Laurence Musgrove is no Luddite, but he's sick of being told he has to learn some new gizmo to reach his students.

February 22, 2007

I’m feeling a bit cranky.My colleagues and I have just received word that our next professional development day will focus on ways we need to technologize our teaching methods so that we can better facilitate the success of the newest new generation, commonly known as “Millennials.”This latest alien invasion of first-year students, we are told, are teenage battery packs “with wires running through their veins” plugged into video games, MySpace and iPods.Therefore, we better get our collective act together and at the very least hybridize the delivery of knowledge so that we can help them make the grade in the global marketplace.

I’m no Luddite. In fact, I spend a good deal of my day reading news online, communicating with family, friends, colleagues and students, banking, writing, listening to music, checking job lists, updating my queue in Netflix, and so on. This morning, I received some garage-band mp3s from my daughter who is studying in Italy, and yesterday my brother in Houston sent me a funny wmv. I opened it last night just and showed it to my wife just after I had looked up a recipe for kale on www.marthastewart.com. Sometime today, I’ll be updating my CV html and ftping it to my academic domain. I regularly put course materials on Blackboard, and I’ve taught an online course in contemporary American poetry using the rich resources of video easily available on the Web.

So one of the reasons I’m cranky today is because most faculty development workshops I’ve attended assume no knowledge and experience on the part of those being lectured to about the latest advances in technology, learning style, and interconnectivity.

Nobody asks us what we already know and do. Nobody wants to know what the personality of our learning is. Nobody really wants to hear what we have to say. We’re stuffed into row after row of folding chairs facing the PowerPoint torture of illegible pie charts, tables, and data we need to remember so that we’ll be better prepped to perform in the learning community breakout sessions just after the chicken wraps at lunch.

Another reason I’m cranky today is that I detest these facile characterizations of our students. At some point, I expect the next newest generation to be labeled “USBs” or “ScanDisks” or “Intels” or “iLearners.” These names and framing metaphors, of course, support all sorts of false notions of knowledge and learning and teaching and success and most frightening: humanity.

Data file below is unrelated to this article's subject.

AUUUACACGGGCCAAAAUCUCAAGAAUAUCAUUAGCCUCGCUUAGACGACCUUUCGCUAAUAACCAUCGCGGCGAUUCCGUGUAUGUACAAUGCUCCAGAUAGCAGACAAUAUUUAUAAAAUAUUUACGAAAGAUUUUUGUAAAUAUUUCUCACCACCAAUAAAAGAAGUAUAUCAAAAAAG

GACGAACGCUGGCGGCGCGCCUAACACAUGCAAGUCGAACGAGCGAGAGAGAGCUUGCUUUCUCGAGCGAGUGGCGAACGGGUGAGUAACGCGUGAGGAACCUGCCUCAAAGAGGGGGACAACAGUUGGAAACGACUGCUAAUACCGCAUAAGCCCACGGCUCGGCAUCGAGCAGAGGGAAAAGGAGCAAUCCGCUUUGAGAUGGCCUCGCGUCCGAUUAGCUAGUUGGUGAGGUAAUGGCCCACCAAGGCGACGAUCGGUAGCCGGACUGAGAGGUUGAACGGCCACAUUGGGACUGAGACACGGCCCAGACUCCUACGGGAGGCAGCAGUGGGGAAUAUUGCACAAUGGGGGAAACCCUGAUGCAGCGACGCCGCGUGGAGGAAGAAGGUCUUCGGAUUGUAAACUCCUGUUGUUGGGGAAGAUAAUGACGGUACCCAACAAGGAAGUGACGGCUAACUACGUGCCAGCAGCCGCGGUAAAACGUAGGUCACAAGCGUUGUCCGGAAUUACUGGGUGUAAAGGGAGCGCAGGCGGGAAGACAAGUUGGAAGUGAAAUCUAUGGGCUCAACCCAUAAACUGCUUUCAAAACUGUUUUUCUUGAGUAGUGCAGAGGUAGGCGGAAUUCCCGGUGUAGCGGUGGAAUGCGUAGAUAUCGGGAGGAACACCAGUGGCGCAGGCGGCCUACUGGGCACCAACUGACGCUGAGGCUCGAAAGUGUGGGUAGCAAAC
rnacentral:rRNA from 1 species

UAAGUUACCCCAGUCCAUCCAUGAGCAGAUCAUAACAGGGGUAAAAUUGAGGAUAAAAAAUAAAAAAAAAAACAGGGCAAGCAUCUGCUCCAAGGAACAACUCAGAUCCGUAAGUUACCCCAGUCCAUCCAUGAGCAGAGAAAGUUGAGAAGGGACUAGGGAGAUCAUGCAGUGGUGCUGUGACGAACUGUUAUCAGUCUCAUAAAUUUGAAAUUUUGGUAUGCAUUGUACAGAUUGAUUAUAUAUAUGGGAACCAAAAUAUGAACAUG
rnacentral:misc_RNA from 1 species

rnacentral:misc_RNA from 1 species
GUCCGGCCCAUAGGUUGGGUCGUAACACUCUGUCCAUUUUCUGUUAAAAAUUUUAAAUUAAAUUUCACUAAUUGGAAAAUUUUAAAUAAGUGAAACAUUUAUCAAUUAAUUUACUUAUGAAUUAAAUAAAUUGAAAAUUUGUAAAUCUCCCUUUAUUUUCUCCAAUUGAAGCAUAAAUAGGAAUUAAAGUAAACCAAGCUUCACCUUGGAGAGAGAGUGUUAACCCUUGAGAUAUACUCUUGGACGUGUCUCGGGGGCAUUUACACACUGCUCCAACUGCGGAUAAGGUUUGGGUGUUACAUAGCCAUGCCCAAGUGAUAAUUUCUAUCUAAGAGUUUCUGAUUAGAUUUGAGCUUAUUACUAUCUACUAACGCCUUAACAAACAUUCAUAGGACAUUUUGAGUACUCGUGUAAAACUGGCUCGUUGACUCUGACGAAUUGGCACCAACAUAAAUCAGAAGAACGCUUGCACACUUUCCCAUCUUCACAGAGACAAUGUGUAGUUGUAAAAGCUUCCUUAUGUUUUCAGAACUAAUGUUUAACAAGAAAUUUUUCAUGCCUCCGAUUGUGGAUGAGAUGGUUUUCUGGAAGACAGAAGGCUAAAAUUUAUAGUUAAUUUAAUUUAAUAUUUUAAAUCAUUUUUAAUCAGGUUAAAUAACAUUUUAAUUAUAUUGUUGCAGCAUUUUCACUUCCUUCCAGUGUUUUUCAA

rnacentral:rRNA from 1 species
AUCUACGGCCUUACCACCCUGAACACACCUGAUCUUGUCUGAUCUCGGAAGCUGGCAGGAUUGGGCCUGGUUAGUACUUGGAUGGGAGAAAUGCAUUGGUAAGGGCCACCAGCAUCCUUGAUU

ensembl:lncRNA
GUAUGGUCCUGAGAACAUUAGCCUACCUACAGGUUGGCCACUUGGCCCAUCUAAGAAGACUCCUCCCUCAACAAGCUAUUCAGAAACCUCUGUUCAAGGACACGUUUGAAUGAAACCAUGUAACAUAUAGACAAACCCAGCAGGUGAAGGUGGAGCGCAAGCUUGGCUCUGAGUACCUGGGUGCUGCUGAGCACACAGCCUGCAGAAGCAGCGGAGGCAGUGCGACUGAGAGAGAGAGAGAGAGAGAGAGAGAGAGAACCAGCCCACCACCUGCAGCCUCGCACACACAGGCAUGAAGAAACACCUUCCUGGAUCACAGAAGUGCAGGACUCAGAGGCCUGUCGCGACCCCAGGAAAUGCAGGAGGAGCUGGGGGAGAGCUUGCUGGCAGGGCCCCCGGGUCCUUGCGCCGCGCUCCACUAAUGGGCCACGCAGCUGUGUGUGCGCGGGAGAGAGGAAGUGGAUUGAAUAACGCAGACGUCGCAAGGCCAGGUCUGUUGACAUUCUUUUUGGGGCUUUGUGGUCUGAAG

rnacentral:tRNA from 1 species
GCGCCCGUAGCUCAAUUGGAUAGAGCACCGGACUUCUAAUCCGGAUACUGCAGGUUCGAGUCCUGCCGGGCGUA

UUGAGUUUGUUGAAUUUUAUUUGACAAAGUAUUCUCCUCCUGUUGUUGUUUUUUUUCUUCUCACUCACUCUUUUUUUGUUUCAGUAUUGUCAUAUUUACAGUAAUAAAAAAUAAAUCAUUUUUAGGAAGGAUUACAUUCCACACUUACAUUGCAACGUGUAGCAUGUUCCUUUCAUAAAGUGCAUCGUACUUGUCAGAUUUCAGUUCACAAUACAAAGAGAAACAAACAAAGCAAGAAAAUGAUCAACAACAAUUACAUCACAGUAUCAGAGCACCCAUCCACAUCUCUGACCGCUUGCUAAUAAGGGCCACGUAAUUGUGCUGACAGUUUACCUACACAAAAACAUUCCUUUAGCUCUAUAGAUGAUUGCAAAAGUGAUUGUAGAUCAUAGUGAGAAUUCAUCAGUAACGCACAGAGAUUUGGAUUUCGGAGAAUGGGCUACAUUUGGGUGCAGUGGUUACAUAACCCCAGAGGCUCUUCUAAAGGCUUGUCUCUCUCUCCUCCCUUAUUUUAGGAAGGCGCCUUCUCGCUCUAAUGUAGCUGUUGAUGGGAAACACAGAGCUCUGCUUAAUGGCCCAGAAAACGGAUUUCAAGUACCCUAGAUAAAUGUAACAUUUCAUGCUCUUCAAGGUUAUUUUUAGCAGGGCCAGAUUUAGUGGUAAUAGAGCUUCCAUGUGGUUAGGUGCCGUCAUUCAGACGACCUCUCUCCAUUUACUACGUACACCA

And I’m cranky because this attempt to equate pedagogy with technology confuses ends with means. “Student engagement” has become the latest assessment buzzphrase, and thus, the newest once-and-for-all measure of and purpose for learning. In other words, any desire to understand the value of learning to individual students is replaced with the desire to promote the most efficient and engaging mode of learning by as many students as possible. And faculty better get in line to be online.

Techno-teaching and ilearning are also best because that’s what our students expect from us. They are the current experts on learning, they know how they best prefer to learn, and we should deliver unto them what they want in the way they want it. Thus I’m cranky because in between the government money pouring into institutional assessment and the tuition pouring in from 18 year old students, faculty members get shortchanged.

Finally, I’m cranky because I have to confront all of this professional development ruckus to claim my own professional authority, to say that I am smart enough to keep track of my own discipline and the latest pedagogical advancements without having to be lectured to two or three times a year about what college students need.

What our students need is not more of what they come in the door with. They don’t need more of the same in the same way they got it before. They need to be confronted with people who talk about ideas that matter. They need to become people who can confront and talk to other people about ideas that matter. They need to sit in a room of people and learn about humanity.

Also, not more Facebook, but more faces in books, extended periods of silent and sustained reading and writing, developing intellectual stamina and the ability to ask questions that don’t lead to easy answers or a quick and final Wikisearch.


Laurence Musgrove is an associate professor of English and foreign languages at Saint Xavier University, in Chicago.


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